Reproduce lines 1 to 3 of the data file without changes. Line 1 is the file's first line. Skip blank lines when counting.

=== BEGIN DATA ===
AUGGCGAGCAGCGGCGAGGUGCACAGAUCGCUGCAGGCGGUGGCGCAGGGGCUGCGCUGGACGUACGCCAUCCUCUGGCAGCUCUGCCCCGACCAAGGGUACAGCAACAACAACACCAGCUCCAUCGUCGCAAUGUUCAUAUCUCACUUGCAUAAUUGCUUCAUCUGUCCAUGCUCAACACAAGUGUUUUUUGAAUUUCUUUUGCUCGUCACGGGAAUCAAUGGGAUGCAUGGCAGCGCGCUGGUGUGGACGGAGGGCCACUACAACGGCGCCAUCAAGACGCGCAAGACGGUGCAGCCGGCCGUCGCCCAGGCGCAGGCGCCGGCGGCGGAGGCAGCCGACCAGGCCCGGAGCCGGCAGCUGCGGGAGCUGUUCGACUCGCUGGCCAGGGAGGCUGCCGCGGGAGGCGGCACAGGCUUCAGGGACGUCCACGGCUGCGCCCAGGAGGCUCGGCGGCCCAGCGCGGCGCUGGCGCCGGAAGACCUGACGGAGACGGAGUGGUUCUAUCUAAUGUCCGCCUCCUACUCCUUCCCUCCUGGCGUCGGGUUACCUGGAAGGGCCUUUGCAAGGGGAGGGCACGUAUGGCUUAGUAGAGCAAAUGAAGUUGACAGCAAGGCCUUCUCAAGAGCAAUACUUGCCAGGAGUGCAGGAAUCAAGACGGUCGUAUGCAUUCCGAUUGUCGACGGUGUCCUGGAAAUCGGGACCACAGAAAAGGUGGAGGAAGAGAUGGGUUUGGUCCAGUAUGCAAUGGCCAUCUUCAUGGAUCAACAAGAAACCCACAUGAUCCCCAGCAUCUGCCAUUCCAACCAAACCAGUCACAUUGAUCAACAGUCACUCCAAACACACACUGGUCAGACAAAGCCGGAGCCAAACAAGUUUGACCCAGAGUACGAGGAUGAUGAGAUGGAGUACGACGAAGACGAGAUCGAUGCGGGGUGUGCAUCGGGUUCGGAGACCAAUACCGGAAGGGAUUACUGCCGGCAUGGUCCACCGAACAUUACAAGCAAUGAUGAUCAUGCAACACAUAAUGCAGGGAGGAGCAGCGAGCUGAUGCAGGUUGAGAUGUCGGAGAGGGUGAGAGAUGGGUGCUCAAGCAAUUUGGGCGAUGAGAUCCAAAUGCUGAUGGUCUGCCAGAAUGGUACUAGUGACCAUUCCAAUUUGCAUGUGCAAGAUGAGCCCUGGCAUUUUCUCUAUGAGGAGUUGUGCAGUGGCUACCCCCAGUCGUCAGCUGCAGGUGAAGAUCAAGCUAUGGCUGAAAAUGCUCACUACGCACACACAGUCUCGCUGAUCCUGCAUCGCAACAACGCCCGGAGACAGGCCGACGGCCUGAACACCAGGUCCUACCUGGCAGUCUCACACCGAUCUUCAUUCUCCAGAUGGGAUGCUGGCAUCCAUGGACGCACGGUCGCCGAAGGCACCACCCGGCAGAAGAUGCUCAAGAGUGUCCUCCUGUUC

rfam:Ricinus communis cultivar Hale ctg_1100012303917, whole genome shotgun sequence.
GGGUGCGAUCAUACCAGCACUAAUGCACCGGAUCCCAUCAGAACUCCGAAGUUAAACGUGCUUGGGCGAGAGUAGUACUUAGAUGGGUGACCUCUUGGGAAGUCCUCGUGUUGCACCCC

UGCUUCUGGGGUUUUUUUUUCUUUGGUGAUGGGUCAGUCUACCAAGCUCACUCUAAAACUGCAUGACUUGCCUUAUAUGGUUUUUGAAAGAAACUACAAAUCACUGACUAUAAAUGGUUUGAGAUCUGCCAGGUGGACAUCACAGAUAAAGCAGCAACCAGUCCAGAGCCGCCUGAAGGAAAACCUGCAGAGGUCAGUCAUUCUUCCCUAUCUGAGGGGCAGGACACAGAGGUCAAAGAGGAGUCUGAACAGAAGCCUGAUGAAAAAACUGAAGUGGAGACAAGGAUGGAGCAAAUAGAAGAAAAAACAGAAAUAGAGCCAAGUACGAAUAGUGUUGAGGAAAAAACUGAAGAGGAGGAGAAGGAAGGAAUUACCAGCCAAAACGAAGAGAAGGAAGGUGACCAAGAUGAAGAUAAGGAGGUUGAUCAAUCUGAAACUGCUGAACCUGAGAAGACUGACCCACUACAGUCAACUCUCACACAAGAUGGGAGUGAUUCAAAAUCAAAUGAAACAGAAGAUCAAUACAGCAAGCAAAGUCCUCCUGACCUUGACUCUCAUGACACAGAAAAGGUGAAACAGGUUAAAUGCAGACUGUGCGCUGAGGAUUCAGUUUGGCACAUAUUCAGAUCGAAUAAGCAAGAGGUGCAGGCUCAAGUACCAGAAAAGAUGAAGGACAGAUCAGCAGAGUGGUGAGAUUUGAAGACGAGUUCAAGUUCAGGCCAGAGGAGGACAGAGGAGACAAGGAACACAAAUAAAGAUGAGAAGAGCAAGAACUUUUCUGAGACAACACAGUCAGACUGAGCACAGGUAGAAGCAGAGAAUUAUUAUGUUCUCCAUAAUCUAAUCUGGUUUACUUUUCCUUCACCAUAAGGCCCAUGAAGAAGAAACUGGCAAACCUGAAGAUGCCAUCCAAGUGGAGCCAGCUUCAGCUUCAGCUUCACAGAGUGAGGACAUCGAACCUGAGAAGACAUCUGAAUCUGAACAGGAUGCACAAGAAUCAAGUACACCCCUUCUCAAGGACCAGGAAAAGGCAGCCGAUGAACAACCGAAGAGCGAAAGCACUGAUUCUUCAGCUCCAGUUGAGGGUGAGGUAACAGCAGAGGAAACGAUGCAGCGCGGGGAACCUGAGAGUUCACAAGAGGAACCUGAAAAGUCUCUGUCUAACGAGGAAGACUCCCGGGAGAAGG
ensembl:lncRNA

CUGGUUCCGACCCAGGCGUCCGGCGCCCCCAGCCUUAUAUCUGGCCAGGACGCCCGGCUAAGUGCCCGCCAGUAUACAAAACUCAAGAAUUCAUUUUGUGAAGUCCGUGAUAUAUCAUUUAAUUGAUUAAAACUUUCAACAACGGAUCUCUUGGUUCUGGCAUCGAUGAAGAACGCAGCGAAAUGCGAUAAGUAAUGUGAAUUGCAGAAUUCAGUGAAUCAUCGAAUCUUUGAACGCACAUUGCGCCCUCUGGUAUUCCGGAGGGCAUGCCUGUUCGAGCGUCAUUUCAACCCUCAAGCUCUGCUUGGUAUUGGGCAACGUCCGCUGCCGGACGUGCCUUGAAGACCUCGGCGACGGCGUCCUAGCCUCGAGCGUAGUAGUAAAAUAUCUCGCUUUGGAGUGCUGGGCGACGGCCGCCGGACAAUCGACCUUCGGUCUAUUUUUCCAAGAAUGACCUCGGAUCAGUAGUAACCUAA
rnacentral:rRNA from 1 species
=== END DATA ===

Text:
AUGGCGAGCAGCGGCGAGGUGCACAGAUCGCUGCAGGCGGUGGCGCAGGGGCUGCGCUGGACGUACGCCAUCCUCUGGCAGCUCUGCCCCGACCAAGGGUACAGCAACAACAACACCAGCUCCAUCGUCGCAAUGUUCAUAUCUCACUUGCAUAAUUGCUUCAUCUGUCCAUGCUCAACACAAGUGUUUUUUGAAUUUCUUUUGCUCGUCACGGGAAUCAAUGGGAUGCAUGGCAGCGCGCUGGUGUGGACGGAGGGCCACUACAACGGCGCCAUCAAGACGCGCAAGACGGUGCAGCCGGCCGUCGCCCAGGCGCAGGCGCCGGCGGCGGAGGCAGCCGACCAGGCCCGGAGCCGGCAGCUGCGGGAGCUGUUCGACUCGCUGGCCAGGGAGGCUGCCGCGGGAGGCGGCACAGGCUUCAGGGACGUCCACGGCUGCGCCCAGGAGGCUCGGCGGCCCAGCGCGGCGCUGGCGCCGGAAGACCUGACGGAGACGGAGUGGUUCUAUCUAAUGUCCGCCUCCUACUCCUUCCCUCCUGGCGUCGGGUUACCUGGAAGGGCCUUUGCAAGGGGAGGGCACGUAUGGCUUAGUAGAGCAAAUGAAGUUGACAGCAAGGCCUUCUCAAGAGCAAUACUUGCCAGGAGUGCAGGAAUCAAGACGGUCGUAUGCAUUCCGAUUGUCGACGGUGUCCUGGAAAUCGGGACCACAGAAAAGGUGGAGGAAGAGAUGGGUUUGGUCCAGUAUGCAAUGGCCAUCUUCAUGGAUCAACAAGAAACCCACAUGAUCCCCAGCAUCUGCCAUUCCAACCAAACCAGUCACAUUGAUCAACAGUCACUCCAAACACACACUGGUCAGACAAAGCCGGAGCCAAACAAGUUUGACCCAGAGUACGAGGAUGAUGAGAUGGAGUACGACGAAGACGAGAUCGAUGCGGGGUGUGCAUCGGGUUCGGAGACCAAUACCGGAAGGGAUUACUGCCGGCAUGGUCCACCGAACAUUACAAGCAAUGAUGAUCAUGCAACACAUAAUGCAGGGAGGAGCAGCGAGCUGAUGCAGGUUGAGAUGUCGGAGAGGGUGAGAGAUGGGUGCUCAAGCAAUUUGGGCGAUGAGAUCCAAAUGCUGAUGGUCUGCCAGAAUGGUACUAGUGACCAUUCCAAUUUGCAUGUGCAAGAUGAGCCCUGGCAUUUUCUCUAUGAGGAGUUGUGCAGUGGCUACCCCCAGUCGUCAGCUGCAGGUGAAGAUCAAGCUAUGGCUGAAAAUGCUCACUACGCACACACAGUCUCGCUGAUCCUGCAUCGCAACAACGCCCGGAGACAGGCCGACGGCCUGAACACCAGGUCCUACCUGGCAGUCUCACACCGAUCUUCAUUCUCCAGAUGGGAUGCUGGCAUCCAUGGACGCACGGUCGCCGAAGGCACCACCCGGCAGAAGAUGCUCAAGAGUGUCCUCCUGUUC

rfam:Ricinus communis cultivar Hale ctg_1100012303917, whole genome shotgun sequence.
GGGUGCGAUCAUACCAGCACUAAUGCACCGGAUCCCAUCAGAACUCCGAAGUUAAACGUGCUUGGGCGAGAGUAGUACUUAGAUGGGUGACCUCUUGGGAAGUCCUCGUGUUGCACCCC